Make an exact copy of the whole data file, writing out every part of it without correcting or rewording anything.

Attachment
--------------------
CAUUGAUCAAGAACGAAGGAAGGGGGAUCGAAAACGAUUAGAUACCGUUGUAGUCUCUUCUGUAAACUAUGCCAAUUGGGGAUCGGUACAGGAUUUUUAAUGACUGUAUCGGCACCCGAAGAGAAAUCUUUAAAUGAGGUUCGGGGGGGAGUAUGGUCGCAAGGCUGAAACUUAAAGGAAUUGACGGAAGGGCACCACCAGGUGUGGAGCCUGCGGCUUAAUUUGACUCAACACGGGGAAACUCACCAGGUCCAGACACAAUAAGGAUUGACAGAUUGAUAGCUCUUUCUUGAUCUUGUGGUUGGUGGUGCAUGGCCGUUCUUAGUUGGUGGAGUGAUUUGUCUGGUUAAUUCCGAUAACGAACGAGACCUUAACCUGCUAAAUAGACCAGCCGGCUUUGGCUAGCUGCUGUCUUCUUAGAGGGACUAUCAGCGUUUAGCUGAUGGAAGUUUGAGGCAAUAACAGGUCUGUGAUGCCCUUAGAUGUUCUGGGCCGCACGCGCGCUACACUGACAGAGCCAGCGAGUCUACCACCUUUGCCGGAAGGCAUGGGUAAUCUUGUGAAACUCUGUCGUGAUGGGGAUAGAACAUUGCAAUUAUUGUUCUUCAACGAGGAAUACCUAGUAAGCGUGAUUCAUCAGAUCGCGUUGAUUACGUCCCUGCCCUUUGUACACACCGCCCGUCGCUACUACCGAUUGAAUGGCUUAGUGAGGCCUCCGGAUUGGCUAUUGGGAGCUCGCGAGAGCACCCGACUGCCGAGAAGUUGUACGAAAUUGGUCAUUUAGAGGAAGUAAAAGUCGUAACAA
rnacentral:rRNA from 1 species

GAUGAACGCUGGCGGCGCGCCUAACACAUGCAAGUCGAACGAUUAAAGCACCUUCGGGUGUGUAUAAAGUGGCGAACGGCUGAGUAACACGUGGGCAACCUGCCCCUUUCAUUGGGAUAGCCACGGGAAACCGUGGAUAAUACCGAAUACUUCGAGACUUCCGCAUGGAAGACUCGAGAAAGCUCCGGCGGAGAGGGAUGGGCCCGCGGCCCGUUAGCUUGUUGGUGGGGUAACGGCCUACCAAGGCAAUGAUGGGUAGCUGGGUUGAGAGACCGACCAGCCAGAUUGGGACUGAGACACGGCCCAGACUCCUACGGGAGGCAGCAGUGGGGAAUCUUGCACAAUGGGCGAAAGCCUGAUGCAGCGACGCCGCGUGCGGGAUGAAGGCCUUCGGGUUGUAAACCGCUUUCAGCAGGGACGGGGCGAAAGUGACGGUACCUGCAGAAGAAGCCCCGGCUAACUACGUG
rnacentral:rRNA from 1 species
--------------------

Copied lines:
CAUUGAUCAAGAACGAAGGAAGGGGGAUCGAAAACGAUUAGAUACCGUUGUAGUCUCUUCUGUAAACUAUGCCAAUUGGGGAUCGGUACAGGAUUUUUAAUGACUGUAUCGGCACCCGAAGAGAAAUCUUUAAAUGAGGUUCGGGGGGGAGUAUGGUCGCAAGGCUGAAACUUAAAGGAAUUGACGGAAGGGCACCACCAGGUGUGGAGCCUGCGGCUUAAUUUGACUCAACACGGGGAAACUCACCAGGUCCAGACACAAUAAGGAUUGACAGAUUGAUAGCUCUUUCUUGAUCUUGUGGUUGGUGGUGCAUGGCCGUUCUUAGUUGGUGGAGUGAUUUGUCUGGUUAAUUCCGAUAACGAACGAGACCUUAACCUGCUAAAUAGACCAGCCGGCUUUGGCUAGCUGCUGUCUUCUUAGAGGGACUAUCAGCGUUUAGCUGAUGGAAGUUUGAGGCAAUAACAGGUCUGUGAUGCCCUUAGAUGUUCUGGGCCGCACGCGCGCUACACUGACAGAGCCAGCGAGUCUACCACCUUUGCCGGAAGGCAUGGGUAAUCUUGUGAAACUCUGUCGUGAUGGGGAUAGAACAUUGCAAUUAUUGUUCUUCAACGAGGAAUACCUAGUAAGCGUGAUUCAUCAGAUCGCGUUGAUUACGUCCCUGCCCUUUGUACACACCGCCCGUCGCUACUACCGAUUGAAUGGCUUAGUGAGGCCUCCGGAUUGGCUAUUGGGAGCUCGCGAGAGCACCCGACUGCCGAGAAGUUGUACGAAAUUGGUCAUUUAGAGGAAGUAAAAGUCGUAACAA
rnacentral:rRNA from 1 species

GAUGAACGCUGGCGGCGCGCCUAACACAUGCAAGUCGAACGAUUAAAGCACCUUCGGGUGUGUAUAAAGUGGCGAACGGCUGAGUAACACGUGGGCAACCUGCCCCUUUCAUUGGGAUAGCCACGGGAAACCGUGGAUAAUACCGAAUACUUCGAGACUUCCGCAUGGAAGACUCGAGAAAGCUCCGGCGGAGAGGGAUGGGCCCGCGGCCCGUUAGCUUGUUGGUGGGGUAACGGCCUACCAAGGCAAUGAUGGGUAGCUGGGUUGAGAGACCGACCAGCCAGAUUGGGACUGAGACACGGCCCAGACUCCUACGGGAGGCAGCAGUGGGGAAUCUUGCACAAUGGGCGAAAGCCUGAUGCAGCGACGCCGCGUGCGGGAUGAAGGCCUUCGGGUUGUAAACCGCUUUCAGCAGGGACGGGGCGAAAGUGACGGUACCUGCAGAAGAAGCCCCGGCUAACUACGUG
rnacentral:rRNA from 1 species